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Thursday, June 14, 2012

Driving New Brunswick’s Acadian Coast—Good Eating in Caraquet

Continuing north from the Acadian Peninsula, the town of Caraquet is best known as the home of Festival acadien de Caraquet, which will celebrate its 50th anniversary this August. The two-week event, one of the most popular festivals in the Atlantic provinces pays tribute to the vibrant Acadian culture through music, cabaret, poetry, and wild parades. Yet, there’s another event happening here the rest of the year that food lovers in particular will cherish. Thanks to chef Karen Mersereau, Caraquet has become a hotbed of gastronomy. 
 
Mersereau was a food marketing rep in Toronto when she met Gerard Paulin, the third-generation hotelier of Hotel Paulin, a Victorian-era gem perched on a hill above the water of Caraquet Bay. A dozen years later, the couple are parents of a boy, Jules, and Karen is firmly entrenched at the helm of the hotel’s kitchen. She has wisely aligned herself with the top food harvesters in the region. 
 
The forests surrounding Caraquet are ripe with morels, chanterelles, oyster mushrooms, and other goodies like the foot of the cattail. Jean Patenaude made a name for himself scouring the countryside for edibles, bringing home laundry baskets full of wild mushrooms on ideal days in summer. Out on the water, Gaetan Dugas’ Caraquet Bay oysters are a prized commodity in high demand from chefs around North America. Especially the petites, small oysters that are both succulent and briny. Dugas’ ancestors include a pirate who commandeered a ship against the British in the 1750s, but it’s his father who taught him how to oyster farm and his grandfather who taught him the traditional ways of the local Mi’kmaq people.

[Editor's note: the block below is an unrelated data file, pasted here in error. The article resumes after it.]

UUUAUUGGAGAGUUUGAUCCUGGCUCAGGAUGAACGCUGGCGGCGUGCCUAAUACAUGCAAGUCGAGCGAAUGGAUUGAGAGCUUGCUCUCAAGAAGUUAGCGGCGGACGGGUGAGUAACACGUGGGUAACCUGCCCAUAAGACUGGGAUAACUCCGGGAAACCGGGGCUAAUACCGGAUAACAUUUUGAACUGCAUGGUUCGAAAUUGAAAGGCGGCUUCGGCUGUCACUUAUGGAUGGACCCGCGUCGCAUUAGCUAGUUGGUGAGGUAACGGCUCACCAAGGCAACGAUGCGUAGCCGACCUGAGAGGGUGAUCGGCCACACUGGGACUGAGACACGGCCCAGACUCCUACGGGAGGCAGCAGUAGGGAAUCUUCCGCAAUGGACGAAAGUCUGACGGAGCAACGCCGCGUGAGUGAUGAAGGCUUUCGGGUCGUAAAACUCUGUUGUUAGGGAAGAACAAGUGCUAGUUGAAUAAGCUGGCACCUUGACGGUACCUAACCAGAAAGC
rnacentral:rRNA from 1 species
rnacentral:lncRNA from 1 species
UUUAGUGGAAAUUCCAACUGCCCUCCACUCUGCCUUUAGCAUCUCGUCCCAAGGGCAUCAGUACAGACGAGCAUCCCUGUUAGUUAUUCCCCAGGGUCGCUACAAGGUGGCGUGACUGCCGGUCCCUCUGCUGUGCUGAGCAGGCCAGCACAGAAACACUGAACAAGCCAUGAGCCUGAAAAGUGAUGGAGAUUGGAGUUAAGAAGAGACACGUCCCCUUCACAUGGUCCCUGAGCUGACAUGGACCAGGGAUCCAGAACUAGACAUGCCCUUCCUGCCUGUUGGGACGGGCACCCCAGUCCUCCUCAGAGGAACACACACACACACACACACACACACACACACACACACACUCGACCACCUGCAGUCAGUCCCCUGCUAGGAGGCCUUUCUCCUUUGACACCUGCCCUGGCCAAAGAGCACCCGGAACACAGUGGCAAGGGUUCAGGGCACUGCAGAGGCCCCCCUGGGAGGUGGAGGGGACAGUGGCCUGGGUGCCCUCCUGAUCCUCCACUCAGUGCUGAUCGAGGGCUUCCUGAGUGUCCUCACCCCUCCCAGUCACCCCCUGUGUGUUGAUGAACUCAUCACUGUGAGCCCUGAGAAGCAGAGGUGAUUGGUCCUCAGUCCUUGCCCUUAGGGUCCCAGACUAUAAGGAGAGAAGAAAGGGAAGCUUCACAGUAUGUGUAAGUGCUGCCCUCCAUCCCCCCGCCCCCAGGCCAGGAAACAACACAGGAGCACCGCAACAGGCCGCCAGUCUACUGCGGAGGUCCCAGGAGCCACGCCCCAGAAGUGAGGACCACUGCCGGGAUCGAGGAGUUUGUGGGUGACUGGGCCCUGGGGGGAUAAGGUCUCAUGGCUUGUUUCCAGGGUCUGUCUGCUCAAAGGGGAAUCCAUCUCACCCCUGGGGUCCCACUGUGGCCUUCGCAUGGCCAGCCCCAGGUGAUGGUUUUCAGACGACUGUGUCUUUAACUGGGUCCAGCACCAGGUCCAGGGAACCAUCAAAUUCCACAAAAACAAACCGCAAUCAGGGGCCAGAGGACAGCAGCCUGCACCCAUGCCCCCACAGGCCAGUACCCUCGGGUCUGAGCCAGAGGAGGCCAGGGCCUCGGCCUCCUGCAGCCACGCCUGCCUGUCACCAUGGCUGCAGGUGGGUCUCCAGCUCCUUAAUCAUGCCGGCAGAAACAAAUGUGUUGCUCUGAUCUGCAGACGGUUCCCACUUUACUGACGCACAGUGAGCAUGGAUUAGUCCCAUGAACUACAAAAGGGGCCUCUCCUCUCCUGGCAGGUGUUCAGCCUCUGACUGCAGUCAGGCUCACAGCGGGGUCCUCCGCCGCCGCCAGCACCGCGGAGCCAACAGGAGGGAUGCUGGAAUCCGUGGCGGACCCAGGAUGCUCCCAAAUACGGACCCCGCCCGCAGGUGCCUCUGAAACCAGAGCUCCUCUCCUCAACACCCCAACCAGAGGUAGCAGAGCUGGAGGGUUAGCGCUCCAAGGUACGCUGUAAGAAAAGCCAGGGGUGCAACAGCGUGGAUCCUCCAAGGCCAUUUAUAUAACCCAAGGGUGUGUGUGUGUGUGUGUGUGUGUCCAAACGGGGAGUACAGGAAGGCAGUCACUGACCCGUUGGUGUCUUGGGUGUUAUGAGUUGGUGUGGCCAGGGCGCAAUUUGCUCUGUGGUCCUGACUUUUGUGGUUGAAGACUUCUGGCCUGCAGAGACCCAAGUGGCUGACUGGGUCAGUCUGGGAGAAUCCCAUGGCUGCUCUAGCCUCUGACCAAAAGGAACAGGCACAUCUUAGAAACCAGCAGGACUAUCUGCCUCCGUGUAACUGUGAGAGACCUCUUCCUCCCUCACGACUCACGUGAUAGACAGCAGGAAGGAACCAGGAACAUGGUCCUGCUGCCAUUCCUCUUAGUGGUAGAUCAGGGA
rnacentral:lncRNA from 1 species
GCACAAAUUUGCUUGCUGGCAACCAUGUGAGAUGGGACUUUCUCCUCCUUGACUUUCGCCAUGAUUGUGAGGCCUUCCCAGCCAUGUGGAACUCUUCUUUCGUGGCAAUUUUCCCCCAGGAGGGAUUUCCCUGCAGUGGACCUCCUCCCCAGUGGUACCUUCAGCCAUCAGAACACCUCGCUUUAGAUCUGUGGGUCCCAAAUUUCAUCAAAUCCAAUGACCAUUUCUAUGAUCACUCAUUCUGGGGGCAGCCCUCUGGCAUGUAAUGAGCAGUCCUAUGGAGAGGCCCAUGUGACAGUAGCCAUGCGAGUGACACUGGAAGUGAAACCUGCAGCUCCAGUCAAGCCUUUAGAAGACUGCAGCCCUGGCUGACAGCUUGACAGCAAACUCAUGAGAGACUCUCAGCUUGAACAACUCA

Mersereau takes advantage of both these men’s expertise to create a memorable wild mushroom oyster bisque. To ensure that every spoonful is chockful of meat, she throws in the native palourdes clam, similar to a quahaug. The bevy of local supplies would make most chefs weep with joy. Snow crabs, tuna, Atlantic salmon, shrimp, lobster, and halibut right off the boat, goat cheese and spring-fed lamb found in nearby farms, and blueberries and cloudberries grow wild along the coast, perfect for making a sublime pie. At Hotel Paulin, the locavore movement has reached its crescendo.
 

Posted by Steve Jermanok on 06/14/12 at 07:00 AM
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Longtime Boston Globe travel writer, Steve Jermanok, dishes out his favorite travel locales and provides topical travel information that comes across his desk.

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